BO Report: ‘The Predator’ reboot lacks venom while ‘The Merger’ hangs on
‘The Predator’ (Photo: 20th Century Fox).
Does the world need another iteration of the Predator franchise, 31 years after soldier of fortune Arnold Schwarzenegger first tangled with the extra-terrestrial creature?
That’s debatable in light of the soft launches in the US, Australia and other territories last weekend for Fox’s $88 million-budgeted The Predator.
Here Shane Black’s action-adventure was beaten by the third weekend of Warner Bros’ blockbuster Crazy Rich Asians although it outpaced the other openers, Roadshow’s A Simple Favour, Disney’s Christopher Robin, WB’s Teen Titans Go! To the Movies and Sony’s Searching.
Meanwhile Mark Grentell’s football-themed comedy/drama The Merger eased by 30 per cent in its second weekend, making $66,000 on 77 screens, playing just one session a day at most locations. The Umbrella Entertainment release starring Damian Callinan, Kate Mulvany and John Howard has scored $301,000 including festival screenings.
Receipts for the top 20 titles totalled $13.5 million, virtually line-ball with the previous weekend, according to Numero.
Jon M Chu’s Crazy Rich Asians advanced to just shy of $17 million, the best result so far among 29 international markets, after whistling up $2.4 million. The rom-com starring Constance Wu, Henry Golding, Michelle Yeoh, Ronny Chieng and Remy Hii has pocketed a lucrative $149.5 million in the US.
The Predator sees the aliens return to Earth deadlier than ever after taking the DNA of other species. Moviegoers may well have asked what’s new as the film starring Jacob Tremblay, Sterling K. Brown, Boyd Holbrook, Olivia Munn, Alfie Allen, Jake Busey and Yvonne Strahovski took $2.38 million.
Pro-rata, that is in line with the US debut of $US24.6 million, the lowest opening ever for a live-action title released on more than 4,000 screens. Deadline reported hardcore fans turned up, mostly males aged 25-plus.
Dire reviews have not helped, given the 34 per cent rotten rating on Rotten Tomatoes, as the reboot generated just $30.7 million in 72 international markets, although it was No 1 in 25.
Anna Kendrick, Blake Lively and Crazy Rich Asians’ Henry Golding proved to be an appealing combination in Paul Feig’s comedic thriller A Simple Favour, which rang up $2.1 million and $2.75 million with advance screenings. That outshone the US opening of $16 million for the saga of a small-town vlogger who tries to solve the disappearance of her mysterious best friend.
“The Australian market is punching above its weight by surpassing the pro-rata result of Crazy Rich Asians – despite the film being in the US market for longer than the local release – as well as the opening weekend of A Simple Favour,” Cinema Nova general manager Kristian Connelly says.
“Women are clearly driving the buoyant local box office, which promises to hit high gear this Thursday with the arrival of Ladies In Black. Cinema Nova’s two sold-out event screenings of Ladies In Black last week were met with spontaneous applause and an enormously emotional audience response, with ‘happy tears’ being shed by moviegoers of all ages.”
After a muscular debut, director Corin Hardy’s supernatural horror movie The Nun fell by 53 per cent in its second weekend, nabbing $1.7 million, which brings the total for the WB release to $6.5 million. The Conjuring franchise spin-off starring Demian Bichir and Taissa Farmiga has hauled in $85 million in the US and $228.6 million globally, a handsome return for a $22 million budget.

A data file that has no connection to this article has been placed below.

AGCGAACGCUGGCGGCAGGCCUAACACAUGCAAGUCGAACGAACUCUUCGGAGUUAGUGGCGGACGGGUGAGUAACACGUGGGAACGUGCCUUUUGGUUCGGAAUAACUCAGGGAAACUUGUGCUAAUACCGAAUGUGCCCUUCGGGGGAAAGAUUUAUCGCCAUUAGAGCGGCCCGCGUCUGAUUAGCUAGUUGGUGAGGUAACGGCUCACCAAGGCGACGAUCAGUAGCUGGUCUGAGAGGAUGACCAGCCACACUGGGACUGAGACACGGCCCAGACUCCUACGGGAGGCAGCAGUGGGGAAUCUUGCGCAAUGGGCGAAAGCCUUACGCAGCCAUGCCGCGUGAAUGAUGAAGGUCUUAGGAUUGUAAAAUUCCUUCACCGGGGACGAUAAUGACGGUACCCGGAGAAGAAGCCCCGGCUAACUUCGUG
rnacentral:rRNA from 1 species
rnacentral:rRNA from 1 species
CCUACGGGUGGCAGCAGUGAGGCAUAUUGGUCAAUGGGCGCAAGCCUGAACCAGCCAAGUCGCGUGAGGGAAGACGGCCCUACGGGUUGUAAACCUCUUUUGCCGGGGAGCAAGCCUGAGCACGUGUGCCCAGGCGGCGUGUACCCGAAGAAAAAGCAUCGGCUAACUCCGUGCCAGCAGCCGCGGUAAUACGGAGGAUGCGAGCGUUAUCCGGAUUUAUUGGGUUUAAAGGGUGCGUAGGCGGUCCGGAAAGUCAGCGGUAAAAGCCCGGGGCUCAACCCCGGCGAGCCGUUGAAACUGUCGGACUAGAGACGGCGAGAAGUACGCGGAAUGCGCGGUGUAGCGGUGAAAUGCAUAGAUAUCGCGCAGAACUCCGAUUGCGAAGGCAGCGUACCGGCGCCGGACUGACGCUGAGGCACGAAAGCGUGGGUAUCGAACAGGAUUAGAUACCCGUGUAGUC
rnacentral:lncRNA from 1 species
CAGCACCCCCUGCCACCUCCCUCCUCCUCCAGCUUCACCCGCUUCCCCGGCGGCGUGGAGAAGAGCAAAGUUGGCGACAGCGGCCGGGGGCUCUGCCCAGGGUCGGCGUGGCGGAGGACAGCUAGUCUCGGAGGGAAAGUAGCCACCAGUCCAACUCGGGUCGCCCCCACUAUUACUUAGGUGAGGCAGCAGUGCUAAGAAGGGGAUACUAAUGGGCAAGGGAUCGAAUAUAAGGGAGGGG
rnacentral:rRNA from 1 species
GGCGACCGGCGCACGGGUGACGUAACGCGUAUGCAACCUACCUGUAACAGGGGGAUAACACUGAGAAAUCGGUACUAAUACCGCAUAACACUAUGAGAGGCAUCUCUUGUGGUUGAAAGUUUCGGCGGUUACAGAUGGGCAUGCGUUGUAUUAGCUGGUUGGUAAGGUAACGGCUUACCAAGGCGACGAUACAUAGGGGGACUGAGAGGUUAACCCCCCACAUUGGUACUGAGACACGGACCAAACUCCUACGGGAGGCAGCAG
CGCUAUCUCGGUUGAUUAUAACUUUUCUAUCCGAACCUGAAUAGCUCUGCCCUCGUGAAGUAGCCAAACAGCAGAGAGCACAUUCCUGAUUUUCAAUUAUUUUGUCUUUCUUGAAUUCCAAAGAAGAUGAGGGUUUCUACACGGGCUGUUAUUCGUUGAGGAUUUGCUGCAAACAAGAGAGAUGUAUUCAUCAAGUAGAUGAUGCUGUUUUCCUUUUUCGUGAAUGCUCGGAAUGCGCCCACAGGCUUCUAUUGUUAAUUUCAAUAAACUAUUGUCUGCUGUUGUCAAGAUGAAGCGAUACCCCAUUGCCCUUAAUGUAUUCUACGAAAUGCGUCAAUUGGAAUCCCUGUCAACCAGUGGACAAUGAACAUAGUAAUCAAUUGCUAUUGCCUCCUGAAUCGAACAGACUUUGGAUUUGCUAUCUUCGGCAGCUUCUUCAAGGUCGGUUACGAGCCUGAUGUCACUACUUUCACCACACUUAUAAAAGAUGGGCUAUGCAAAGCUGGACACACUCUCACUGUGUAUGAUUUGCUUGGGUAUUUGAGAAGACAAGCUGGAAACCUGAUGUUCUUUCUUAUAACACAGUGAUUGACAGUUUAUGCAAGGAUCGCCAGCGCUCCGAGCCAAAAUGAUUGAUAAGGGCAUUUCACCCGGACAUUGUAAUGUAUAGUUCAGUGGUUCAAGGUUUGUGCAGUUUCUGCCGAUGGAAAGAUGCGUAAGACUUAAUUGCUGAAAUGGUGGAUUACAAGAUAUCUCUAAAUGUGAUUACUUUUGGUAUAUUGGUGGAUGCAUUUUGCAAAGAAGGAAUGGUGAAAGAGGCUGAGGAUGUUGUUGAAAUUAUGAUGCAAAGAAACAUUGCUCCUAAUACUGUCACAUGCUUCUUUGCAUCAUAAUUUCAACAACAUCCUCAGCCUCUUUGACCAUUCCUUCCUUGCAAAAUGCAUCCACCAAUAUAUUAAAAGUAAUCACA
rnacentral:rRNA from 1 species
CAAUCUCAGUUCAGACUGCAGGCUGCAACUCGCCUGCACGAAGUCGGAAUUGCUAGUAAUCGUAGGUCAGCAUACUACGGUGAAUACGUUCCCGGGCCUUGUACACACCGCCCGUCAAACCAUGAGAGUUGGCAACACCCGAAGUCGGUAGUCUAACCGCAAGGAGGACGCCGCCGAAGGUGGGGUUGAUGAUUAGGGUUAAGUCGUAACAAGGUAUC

Director Marc Forster’s Christopher Robin grossed $24.5 million in its first weekend in the US last month, the lowest opening for a Disney title in more than a year, and has since loped along to $95 million, skewing to young audiences rather than the broader family audience which the studio was aiming for.
In Oz, the family film starring Ewan McGregor in the title role, Jim Cummings as Winnie the Pooh and Tigger and Brad Garrett as Eeyore fetched $1.45 million. Including extensive previews, the total is a more respectable $2.35 million.
Animated feature Teen Titans Go! To the Movies opened in the US in July and ended up with a miserly $29.1 million. So the Australian debut of $530,000 and $785,000 on 235 screens including previews for the DC Comics adaptation based on the TV series was so surprise.
Word-of-mouth among mature cinemagoers is sustaining Bill Holderman’s Book Club, which advanced to $5.8 million after earning $469,000 in its fourth outing for Transmission Films.
Writer-director Aneesh Chaganty’s Searching got glowing reviews after it launched at the Sundance Film Festival. But that did not translate to ticket sales as the thriller starring John Cho as a father searching for his missing 16-year-old daughter with the help of a detective played by Debra Messing, brought in $425,000 at 161 screens and $452,000 with previews. In the US the film has mustered a modest $19.6 million in 24 days.
The WB/Chinese co-production The Meg reached $9.8 million after a fifth frame of $315,000. The prehistoric shark pic directed by Jon Turteltaub has amassed $505.3 million worldwide.
Paramount Pictures/Skydance’s Mission: Impossible – Fallout has banked $19.1 million after a $243,000 seventh weekend. The Tom Cruise starrer written and directed by Christopher McQuarrie has collared $761 million globally: $216.1 million in the US and $544.8 million in the rest of world, led by China’s $162.3 million.